Backyard Farming on an Acre (More or Less) by Angela England is a homesteading guide written with the enthusiasm of a beginner and the experience of several years of homesteading with limited space. It's a great pep talk for those new to the idea of self-sufficiency who are wondering if they can raise more of their own food without moving to the country.
How Backyard Farming on an Acre (More or Less) is Organized
Backyard Farming on an Acre is divided into five parts:
- Living Large on a Small Scale
- Gardening on a Backyard Farm
- Animals for a Backyard Farm
- Enjoying the Bounty
- Crafting from the Backyard Farm
Each of these parts is divided into subsections.
Living Large on a Small Scale includes: the Backyard Farm Adventure; Finding Land; and Building on Land Your Already Own
Gardening on a Backyard Farm includes: What and How Much do You Want to Grow?; Tools and Skills for the Backyard Gardener; Gardening Smart from the Start; Get the Most from Your Garden; Vegetables for the Backyard Farm, Kitchen Herb Gardens; Fruits, Berries and More; Heirloom Plants and Saving Seeds
Crafting from the Backyard Farm includes: Making Butter, Yogurt and Cheese; Fibers: From Sheep to Sweater; Home Brewing Cider and Wine; Goat's Milk Soap Making and Other Ways to Use Your Harvest
There are also appendices featuring Simple Plans for the Backyard Farm, Gardening Journal Pages and Resources.
Things I Like About Backyard Farming on an Acre (More or Less)
Angela features a taste of a *lot* of different topics, so there's something in this book for nearly every interest level. She's got some nice drawings in the beginning of the book to give the reader ideas about how much can be worked into a typical suburban back yard.
Diagram of suburban yard transformed into a suburban homestead
With a supportive spouse, Angela tackles fence building, gardening, food preservation and many other tasks that can help you provide your family with fresh food no matter how small your space is. There are a few seasonal recipes to get your thinking about eating from your garden instead of from the grocery store.
She moves beyond the basic chickens discussed in many small scale homesteading books to an assortment of backyard animals. There's a nice tutorial included from Baker Creek Heirloom Seeds on how to properly save tomato seeds. (They need fermenting to remove the outer seed covering.) She defines basic terms in many of the sections so that those unfamiliar with the topic will be better able to understand the discussion. I was glad to see that she included medicinal herbs as well as culinary herbs, as these are also left out of many garden planning books.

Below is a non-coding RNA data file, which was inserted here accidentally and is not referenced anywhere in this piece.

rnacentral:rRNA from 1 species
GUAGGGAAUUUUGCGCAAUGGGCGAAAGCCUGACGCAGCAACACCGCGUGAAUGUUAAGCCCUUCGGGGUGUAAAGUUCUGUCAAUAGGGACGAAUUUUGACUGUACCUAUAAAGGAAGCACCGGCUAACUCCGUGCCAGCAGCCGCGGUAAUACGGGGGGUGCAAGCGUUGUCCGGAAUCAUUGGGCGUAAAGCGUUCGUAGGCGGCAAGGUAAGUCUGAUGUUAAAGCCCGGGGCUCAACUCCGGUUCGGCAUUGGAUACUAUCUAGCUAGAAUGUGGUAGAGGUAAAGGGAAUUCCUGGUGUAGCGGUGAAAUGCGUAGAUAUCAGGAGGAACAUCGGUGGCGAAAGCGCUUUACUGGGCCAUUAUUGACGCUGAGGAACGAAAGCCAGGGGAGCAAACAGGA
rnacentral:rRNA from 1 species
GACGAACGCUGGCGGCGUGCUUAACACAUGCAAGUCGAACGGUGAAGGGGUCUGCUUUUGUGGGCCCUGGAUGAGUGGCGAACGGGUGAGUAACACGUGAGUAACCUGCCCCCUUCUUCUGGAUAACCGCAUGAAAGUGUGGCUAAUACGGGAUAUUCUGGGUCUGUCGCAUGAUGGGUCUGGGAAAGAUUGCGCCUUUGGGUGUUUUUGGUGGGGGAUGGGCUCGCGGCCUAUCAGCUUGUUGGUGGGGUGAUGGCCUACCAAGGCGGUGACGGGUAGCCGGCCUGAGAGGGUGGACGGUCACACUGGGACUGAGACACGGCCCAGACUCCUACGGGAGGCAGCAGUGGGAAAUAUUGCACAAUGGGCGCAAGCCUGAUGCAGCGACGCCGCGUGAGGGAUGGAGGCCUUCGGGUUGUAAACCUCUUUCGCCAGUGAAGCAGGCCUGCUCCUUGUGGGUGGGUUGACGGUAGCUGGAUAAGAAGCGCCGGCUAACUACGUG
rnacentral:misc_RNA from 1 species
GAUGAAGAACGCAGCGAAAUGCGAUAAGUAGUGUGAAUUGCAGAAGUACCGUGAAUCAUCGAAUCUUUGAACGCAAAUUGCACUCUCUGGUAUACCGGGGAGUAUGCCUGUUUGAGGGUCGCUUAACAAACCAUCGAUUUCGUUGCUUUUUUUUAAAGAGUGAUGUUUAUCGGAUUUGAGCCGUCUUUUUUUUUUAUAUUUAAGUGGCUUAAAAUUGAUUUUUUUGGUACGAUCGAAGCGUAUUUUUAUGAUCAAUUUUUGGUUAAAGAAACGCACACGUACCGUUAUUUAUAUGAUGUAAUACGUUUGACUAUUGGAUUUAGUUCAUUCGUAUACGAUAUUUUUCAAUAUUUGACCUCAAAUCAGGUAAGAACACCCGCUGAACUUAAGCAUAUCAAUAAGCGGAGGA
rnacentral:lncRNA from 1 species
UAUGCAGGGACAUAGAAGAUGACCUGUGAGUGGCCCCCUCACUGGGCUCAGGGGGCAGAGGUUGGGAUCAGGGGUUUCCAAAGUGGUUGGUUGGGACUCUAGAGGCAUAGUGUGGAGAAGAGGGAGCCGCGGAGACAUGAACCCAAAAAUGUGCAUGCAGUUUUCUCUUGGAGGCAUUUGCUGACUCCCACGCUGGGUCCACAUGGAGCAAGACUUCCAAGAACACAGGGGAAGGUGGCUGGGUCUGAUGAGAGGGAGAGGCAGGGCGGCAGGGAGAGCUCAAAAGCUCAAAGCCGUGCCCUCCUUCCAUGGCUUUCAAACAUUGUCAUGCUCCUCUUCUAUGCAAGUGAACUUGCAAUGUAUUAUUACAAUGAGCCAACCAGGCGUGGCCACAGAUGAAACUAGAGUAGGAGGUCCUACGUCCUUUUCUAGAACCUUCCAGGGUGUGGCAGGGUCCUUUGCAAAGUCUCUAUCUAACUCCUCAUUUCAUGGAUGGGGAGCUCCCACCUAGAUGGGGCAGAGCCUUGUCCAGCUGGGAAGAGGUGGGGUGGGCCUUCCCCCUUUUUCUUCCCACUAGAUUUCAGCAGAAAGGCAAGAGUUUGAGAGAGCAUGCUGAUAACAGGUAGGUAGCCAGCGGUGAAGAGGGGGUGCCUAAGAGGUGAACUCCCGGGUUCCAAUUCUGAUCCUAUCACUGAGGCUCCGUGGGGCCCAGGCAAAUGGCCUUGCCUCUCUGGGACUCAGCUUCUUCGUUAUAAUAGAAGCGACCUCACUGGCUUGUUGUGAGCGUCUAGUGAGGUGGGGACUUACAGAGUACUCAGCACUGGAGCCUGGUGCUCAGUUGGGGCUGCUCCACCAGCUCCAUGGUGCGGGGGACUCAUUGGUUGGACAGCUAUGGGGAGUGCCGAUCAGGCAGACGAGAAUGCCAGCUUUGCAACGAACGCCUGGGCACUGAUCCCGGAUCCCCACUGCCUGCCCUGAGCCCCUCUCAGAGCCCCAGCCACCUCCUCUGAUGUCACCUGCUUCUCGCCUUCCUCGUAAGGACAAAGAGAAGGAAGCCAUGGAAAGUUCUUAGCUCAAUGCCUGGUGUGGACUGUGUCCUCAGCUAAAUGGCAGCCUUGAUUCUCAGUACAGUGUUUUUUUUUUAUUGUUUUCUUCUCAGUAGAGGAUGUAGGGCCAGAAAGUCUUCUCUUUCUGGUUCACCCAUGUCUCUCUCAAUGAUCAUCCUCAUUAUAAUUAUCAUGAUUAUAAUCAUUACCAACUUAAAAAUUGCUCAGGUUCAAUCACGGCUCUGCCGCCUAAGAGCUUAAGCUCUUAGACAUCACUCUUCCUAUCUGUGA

Things I Didn't Like About Backyard Farming on an Acre (More or Less)
Even though the book contained a lot of information, there were many areas that could have used deeper explanations, recipes or at the very least relevant online links. For instance, there were multiple photos of how to make a lavender wand, and only one photo of how to butcher a chicken. Granted, most of us would find the wand far more pleasant, but if you need to butcher a chicken, you'd better have a different book or some other source of information.
I would have loved to see some color photos, and more photos in general, or more line drawings. In the tool section, for instance, a side by side shot of the different tools would have been a great addition to the descriptions. There were so many garden photos that simply didn't capture how beautiful I know these plants should be with only a gray image. (Color photos significantly increase printing costs, so I understand the need for grayscale.)
I know this cilantro should be a popping bright green instead of gray.
I'm also pretty sure my old neighbors in the suburbs would have had kittens if I had tried to transform my yard as she suggests. Some of them had panic attacks just because we had a garden and an assortment of fruiting plants. Critters would have sent them off the deep end. Hopefully your neighbors will be more understanding.
A Homestead Doesn't Have to Be Huge
No matter how much or how little land you have, this book will help inspire you to look at your space in new ways. You don't have to do everything – you can pick and choose what fits for you and your family. I think Angela did a nice job creating a beautiful book to help inspire a new generation of homesteaders.
You may also enjoy other book reviews featured in our Homestead Library, such as:
- If You Only Get One Homesteading Book, This Should Be It
- The Independent Farmstead
- How to Make Money Homesteading
Originally posted in 2013, updated in 2017.
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